It is not just a western philosophy to not waste ammo attacking civilian targets, it just makes sense. Who are you saying thinks different? Lets say Iraq had the same weapons capabilities we do...you think during an attack on their country they would rather attack times square then our command and control targets? It just doesn't make the most logical sense in a war.

This is the difference:

Terrorist: A loosely knit group of individuals (under 50,000 people lets say) whos intent is to make a statement or influence policy by causing "shocking attacks" against targets both military and civilian. They own no specific territory. And the primary aim of their attacks is simply to terrorize.

Rebels: A well formed group of military and civilian units who control some patch of land, and who's primary goal is to control the land they live on or aquire more land from a larger power. (Why Columbian rebels and US revolutionarys were not terrorists)

War/Military: A military group that is state sponsored that can target military and civilian targets with the goal of defending, aquiring or assisting in the defense or aquisition of more land/resources.

Those definitions work for anyone?
Permalink Phil 
January 16th, 2006
terror = fear, right?

terrorism is about using fear as a weapon (which is basically a means of coercion).

greatest terror weapon in history: the atomic bomb (after it was used).

-very common tactic used by gangsters in extortion.

in an even more general sense: religions which threaten an eternity in hell for committing a sin.

irony: bush's use of terror tactics to "fight terror".

so, even by the most broadest of definitions, i don't see how the crusades could even remotely be defined as an act of terrorism... one might see it as spiritual and even physical territorialism... but terrorism???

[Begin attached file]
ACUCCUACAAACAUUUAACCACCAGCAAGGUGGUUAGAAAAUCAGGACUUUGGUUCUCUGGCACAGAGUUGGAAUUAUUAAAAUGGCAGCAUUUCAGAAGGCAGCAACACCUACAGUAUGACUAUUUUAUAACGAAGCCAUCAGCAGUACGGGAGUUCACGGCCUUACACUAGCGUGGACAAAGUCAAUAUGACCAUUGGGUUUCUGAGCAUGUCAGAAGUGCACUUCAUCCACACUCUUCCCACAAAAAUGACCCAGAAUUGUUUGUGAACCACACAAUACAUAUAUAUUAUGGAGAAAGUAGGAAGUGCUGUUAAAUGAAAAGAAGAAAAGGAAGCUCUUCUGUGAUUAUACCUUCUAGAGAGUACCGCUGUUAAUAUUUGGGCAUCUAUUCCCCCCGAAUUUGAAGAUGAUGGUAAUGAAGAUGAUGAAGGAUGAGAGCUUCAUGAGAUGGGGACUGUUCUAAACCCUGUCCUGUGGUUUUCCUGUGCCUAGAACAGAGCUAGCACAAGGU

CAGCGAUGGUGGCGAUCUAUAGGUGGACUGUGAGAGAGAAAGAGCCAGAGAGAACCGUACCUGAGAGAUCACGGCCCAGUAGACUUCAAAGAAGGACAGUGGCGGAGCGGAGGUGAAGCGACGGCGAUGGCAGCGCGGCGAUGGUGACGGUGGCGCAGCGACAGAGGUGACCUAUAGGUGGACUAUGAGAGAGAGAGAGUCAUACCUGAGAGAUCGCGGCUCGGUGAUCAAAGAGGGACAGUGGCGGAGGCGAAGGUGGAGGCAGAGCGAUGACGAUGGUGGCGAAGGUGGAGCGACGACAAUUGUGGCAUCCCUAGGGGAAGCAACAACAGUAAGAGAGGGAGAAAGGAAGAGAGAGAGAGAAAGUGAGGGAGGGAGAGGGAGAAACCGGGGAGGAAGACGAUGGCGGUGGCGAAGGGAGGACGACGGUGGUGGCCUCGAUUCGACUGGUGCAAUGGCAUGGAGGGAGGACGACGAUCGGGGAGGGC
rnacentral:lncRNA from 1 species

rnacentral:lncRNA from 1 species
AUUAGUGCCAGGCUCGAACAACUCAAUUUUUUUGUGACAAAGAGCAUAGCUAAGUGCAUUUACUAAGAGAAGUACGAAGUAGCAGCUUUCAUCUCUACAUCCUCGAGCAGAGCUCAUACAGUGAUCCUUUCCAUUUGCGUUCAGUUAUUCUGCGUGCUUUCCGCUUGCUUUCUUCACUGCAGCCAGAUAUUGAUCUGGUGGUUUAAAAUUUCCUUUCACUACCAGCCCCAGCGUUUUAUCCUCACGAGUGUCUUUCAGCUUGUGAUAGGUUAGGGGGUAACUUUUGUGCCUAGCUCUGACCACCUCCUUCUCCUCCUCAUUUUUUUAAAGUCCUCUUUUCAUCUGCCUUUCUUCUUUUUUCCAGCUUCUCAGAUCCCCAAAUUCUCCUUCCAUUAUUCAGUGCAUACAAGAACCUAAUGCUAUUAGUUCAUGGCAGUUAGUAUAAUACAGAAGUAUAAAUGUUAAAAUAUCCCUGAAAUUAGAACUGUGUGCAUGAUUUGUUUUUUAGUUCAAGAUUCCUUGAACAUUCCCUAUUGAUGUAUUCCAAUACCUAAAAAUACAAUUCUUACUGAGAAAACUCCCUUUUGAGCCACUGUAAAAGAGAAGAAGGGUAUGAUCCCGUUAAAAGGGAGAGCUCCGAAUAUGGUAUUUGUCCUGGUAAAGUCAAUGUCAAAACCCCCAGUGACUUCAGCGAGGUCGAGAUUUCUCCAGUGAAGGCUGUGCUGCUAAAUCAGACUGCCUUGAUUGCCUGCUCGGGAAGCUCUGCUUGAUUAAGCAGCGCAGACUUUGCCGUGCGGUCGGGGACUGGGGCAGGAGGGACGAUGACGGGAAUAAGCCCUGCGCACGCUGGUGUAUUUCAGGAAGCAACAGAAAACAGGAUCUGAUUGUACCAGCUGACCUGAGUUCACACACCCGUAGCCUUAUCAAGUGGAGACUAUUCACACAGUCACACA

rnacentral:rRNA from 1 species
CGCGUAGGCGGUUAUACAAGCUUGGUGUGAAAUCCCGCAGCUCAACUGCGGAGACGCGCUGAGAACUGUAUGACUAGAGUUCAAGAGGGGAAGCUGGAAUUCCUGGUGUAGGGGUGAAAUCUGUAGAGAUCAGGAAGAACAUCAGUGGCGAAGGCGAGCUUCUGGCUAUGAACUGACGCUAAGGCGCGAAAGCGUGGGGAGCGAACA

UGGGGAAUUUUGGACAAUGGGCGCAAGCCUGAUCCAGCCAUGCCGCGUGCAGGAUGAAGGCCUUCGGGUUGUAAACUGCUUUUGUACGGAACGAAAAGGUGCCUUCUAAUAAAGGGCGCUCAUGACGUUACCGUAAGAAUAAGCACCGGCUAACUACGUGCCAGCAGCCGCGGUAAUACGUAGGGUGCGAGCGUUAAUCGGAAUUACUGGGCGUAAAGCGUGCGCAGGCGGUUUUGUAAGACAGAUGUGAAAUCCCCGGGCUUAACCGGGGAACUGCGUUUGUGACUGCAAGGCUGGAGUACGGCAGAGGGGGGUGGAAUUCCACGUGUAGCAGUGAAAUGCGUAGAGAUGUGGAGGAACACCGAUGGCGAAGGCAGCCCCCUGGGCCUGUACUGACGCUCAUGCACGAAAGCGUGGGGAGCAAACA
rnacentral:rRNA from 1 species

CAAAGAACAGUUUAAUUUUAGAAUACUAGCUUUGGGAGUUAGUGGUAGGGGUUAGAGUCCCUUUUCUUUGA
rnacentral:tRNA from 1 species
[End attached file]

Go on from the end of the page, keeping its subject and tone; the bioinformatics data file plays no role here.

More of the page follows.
Permalink Kenny 
January 16th, 2006
There appears to be considerable confusion.

The 'Moslems' did not kick out Jews, Byzantines or anyone else by and large they assimilated the existing population allowed them to practise their religons and allowed pilgrims to go unhindered.

The First Crusade was more about the failing state of the Eastern Roman Empire than it was about attacking Turks. Comnenus effectively hired a Frankish Army from Pope Urban who himself was threatened by the anti-pope Guibert schisms in Germany and France. Urban was the most harried pope ever spending most of his reign locked out of Rome with the two sides using excommunications as a means of war.

The First Crusade was a good excuse to unite Europe and it succeeded in liberating Jerusalem (which was a bit of a surprise to the Seljuk Turks as they didn't think it needed it, nor did most of the population of the city) and in uniting Islam such that Jerusalem was retaken.

As for citizens not being targets for war, or not being 'efficient' targets as it unites their defence. Attacks on civil populations became part of German military theory before the First World War, more importantly attacks on strategic transport systems became part of everyone's military theory. Durm und Strang, Fire and Storm, was pursued by everyone from the Zeppelin raids onwards.